It has been a long time since I reported on my progress and things that I am currently doing. Here are some brief updates:
1) I really enjoyed the Keystone symposia on lncRNA. It was a great opportunity to interact with the people of the field. The Keystone symposia being very small and specific, I can describe the people that I met as my future collaborators, potential reviewers and editors of my scientific work...and who knows, maybe good friends! In fact those were all true!
2) We currently have a big publication in review. The paper brought together some six laboratories all across the east and west coast together. My contribution to the paper is not form my primary work on lncRNAs, but It relates to the system that I work with (i.e. embryonic stem cells). I will write more about this paper when it is in press.
3) I have more exciting new about my genome editing toolboxes. In the past few months I have had many constructive talks with the prominent people of the field and I have received many good feedbacks that make me believe that our genome editing toolbox will be a very efficient one for the community.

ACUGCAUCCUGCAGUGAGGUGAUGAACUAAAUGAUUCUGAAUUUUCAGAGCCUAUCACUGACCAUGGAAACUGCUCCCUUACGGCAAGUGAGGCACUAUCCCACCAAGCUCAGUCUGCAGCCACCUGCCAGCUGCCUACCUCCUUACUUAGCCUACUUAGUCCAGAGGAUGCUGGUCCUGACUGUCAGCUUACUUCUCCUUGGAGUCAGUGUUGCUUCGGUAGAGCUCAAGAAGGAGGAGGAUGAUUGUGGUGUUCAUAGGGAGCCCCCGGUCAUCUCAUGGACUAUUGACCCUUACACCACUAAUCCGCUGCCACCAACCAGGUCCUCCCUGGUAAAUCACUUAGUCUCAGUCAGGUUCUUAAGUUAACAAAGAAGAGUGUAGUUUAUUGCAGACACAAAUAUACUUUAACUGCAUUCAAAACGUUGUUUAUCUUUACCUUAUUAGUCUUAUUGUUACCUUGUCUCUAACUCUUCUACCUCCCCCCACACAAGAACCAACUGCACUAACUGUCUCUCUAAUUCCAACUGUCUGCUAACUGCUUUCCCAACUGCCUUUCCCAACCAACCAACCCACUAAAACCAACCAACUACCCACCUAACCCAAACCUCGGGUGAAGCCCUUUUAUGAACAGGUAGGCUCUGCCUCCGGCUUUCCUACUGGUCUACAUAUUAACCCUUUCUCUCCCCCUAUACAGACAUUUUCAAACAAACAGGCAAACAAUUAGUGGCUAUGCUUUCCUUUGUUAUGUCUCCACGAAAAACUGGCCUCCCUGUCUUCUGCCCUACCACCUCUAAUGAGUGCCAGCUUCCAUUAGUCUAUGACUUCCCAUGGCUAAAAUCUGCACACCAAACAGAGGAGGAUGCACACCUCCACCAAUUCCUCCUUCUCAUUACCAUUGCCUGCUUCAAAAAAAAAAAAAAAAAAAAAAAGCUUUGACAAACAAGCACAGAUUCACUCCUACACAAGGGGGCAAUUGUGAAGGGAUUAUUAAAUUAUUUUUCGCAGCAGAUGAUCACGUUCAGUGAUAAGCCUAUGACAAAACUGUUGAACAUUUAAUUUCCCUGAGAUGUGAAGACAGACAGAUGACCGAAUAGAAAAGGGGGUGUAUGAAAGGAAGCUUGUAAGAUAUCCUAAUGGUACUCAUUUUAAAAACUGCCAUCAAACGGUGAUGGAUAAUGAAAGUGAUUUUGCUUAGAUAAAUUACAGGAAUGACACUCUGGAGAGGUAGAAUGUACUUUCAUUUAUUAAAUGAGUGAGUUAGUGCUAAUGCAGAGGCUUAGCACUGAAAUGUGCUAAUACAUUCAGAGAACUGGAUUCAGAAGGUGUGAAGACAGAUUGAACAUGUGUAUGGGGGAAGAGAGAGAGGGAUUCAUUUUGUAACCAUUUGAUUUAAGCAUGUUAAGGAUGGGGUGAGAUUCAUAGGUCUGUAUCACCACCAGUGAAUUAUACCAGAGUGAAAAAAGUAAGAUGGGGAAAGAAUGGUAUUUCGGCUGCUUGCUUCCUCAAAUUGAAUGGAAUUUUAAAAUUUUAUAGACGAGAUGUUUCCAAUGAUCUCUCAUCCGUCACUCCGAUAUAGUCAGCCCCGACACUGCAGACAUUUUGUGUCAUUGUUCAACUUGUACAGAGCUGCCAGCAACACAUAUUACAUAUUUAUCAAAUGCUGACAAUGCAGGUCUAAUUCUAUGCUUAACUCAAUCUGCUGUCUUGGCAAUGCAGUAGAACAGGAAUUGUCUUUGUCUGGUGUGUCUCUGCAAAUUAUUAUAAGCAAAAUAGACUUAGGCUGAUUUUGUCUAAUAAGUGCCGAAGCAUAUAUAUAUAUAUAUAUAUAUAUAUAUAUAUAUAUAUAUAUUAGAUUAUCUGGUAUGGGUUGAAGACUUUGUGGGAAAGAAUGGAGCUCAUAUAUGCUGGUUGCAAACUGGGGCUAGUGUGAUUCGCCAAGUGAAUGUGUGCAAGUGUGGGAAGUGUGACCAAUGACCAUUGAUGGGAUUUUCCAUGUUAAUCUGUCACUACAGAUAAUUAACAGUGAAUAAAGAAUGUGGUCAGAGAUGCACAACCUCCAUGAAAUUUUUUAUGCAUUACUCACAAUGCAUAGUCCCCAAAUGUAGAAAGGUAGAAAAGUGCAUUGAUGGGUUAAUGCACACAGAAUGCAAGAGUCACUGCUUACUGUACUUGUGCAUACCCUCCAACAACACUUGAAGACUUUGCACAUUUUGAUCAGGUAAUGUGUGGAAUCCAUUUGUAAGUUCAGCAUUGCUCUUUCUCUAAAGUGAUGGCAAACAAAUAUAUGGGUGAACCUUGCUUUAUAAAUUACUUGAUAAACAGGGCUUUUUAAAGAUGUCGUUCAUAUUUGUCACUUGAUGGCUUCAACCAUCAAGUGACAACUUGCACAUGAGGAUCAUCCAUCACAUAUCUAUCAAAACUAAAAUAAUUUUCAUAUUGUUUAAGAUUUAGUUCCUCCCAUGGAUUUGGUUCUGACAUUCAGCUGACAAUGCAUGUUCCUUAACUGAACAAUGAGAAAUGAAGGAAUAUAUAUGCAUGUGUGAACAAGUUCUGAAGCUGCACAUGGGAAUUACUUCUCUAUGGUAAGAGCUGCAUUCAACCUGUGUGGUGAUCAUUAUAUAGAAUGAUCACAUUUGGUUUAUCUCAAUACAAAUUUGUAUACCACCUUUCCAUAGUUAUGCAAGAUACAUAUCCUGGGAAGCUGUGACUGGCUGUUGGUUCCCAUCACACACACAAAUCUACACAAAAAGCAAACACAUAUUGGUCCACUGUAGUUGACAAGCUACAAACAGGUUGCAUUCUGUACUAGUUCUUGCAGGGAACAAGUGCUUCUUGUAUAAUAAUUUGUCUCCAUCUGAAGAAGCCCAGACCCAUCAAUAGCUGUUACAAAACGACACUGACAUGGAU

4) I am at the stage of investigating the role of my candidate lncRNAs in hES cells. There are some great early signs that make me optimistic about future!
5) Finally, spring is in Boston! It was a bitter and long winter, so I believe that we all deserve a long spring!
I had almost forgotten the pain of designing and printing a poster 24 hours before a conference! I am heading to Santa Fe for Keystone Symposium on long non-coding RNAs. This would be my first attendance at Keystone symposia, which is supposedly one of the very focused conference series. I am show casing one of the lncRNAs that I have been working on for the past year. This lncRNA is a divergent transcript from a protein coding gene. This lncRNA is particularly interesting to us as it seems to be relevant to the context of pluripotency and differentiation. I will be presenting some of our findings on characterization and functional analysis of this long non-coding RNA. More importantly, I will present some of the tools that I have developed, during my postdoc, for studying non-coding RNAs.
Science apart, I am excited to visit Santa Fe! It is going to be my second visit to New Mexico, but my first visit to Santa Fe! looking forward to it.